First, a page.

This past weekend I had the pleasure of competing in the 4th annual Challenge Wanaka Event on the south island of New Zealand. I raced to a 4th place finish last year and I returned this year with hopes of improving on that performance. I did my preps for the 2009 edition in Australia, but this year I opted to stay at home in Boulder for my training. I had some interesting challenges with the weather, but I still felt good about my conditioning in the final lead up.
Wanaka had been experiencing some cold weather in the weeks before the race and when I showed up the lake was less than 13 degrees Celsius. We had nice race-week weather which likely moved the temperature up a couple degrees, but it was still one of the coldest swims I have done. Last year we had warmer water, but fairly rough conditions. This year the swim was dead flat and fairly uneventful for me. I ended up pulling the second pack of the swimmers around the course and I exited the water side-by-side with eventual winner, Richard Ussher (NZ).
After a mediocre T1 (but way better than T1 last year) I was off on the bike. A couple of riders, including Ussher, pulled away from me quickly during the opening 40K of the bike (which is very hilly); I tried to close the gap, but they proved to be too strong on this section of the course. As we headed out of town to tackle the meat of the bike course I was concerned that a group of three had formed up the road and I was left in no-man’s land. This was not how I had hoped for the first couple hours of the race to unfold.
Nevertheless, I felt good and I settled into a nice rhythm about two minutes off the group. I forgot how rough NZ chip roads can be, but I had plenty of alone time to take notice. The bike is a one-loop course with one short out-and-back at the 160K mark. As a result, I had to wait quite some time to see how my position on the bike was developing. At this point I could see that Ussher had ridden off the front, but 2nd and 3rd place were within about three minutes.
I was not in the position I had hoped for coming off the bike (4th), but I looked forward to seeing what I could do on the run. I settled into a nice rhythm after the first few Ks and around the 6K mark I heard that 3rd place was only 30 seconds up the road. This motivated me as I have never finished 3rd in an international race and within about ten minutes I had taken over the 3rd place position.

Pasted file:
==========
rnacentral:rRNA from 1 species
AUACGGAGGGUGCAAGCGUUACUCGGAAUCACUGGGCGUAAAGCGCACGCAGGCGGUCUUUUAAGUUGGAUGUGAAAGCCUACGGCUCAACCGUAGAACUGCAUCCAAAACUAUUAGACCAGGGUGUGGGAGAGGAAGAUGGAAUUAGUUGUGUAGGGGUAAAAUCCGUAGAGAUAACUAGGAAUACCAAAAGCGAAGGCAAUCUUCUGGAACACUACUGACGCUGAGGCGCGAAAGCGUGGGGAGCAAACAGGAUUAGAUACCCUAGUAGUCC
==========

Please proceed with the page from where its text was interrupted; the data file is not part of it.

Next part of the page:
The first loop of the run continued fairly uneventfully and around the 17K mark I could see that 2nd place still had over 3 minutes on me. As we returned to town and headed back out for the second loop I got a split of about 2:40 to second place. The gap to second had not come down for 21K, but all of a sudden it dropped about 30 seconds.
I continued to tick along and I wasn’t sure whether or not anything had changed, but around the 28K mark I could actually see second place running on the trails. After exiting the trail section (10K to go) it looked as though the gap was now only a handful of seconds and by the top of Gunn Road (8K to go) I took over 2nd place.
In 2008, when I was racing Ironman Canada, I managed to run into 4th place with about 5 miles to go, only to be passed by the former 4th place runner in the last mile (and subsequently finished 5th). As a result of this, when I moved into 2nd place on Saturday I started running scared and I never slowed down until I crossed that finish line. Only then was I content that I wouldn’t be caught. This fear is likely what helped me post the fastest run split of the day as well as a new marathon PR.
Last year and I came off the bike in 2nd and finished 4th. This year the exact opposite occurred. Perhaps I can find a way to ride like last year and run like this year in the future, but for now I am quite pleased with how things turned out. Wanaka has been good to me for the past two years and I really enjoy racing there. The race is like no other. If you are looking for an honest course in a beautiful place, head to Wanaka next January.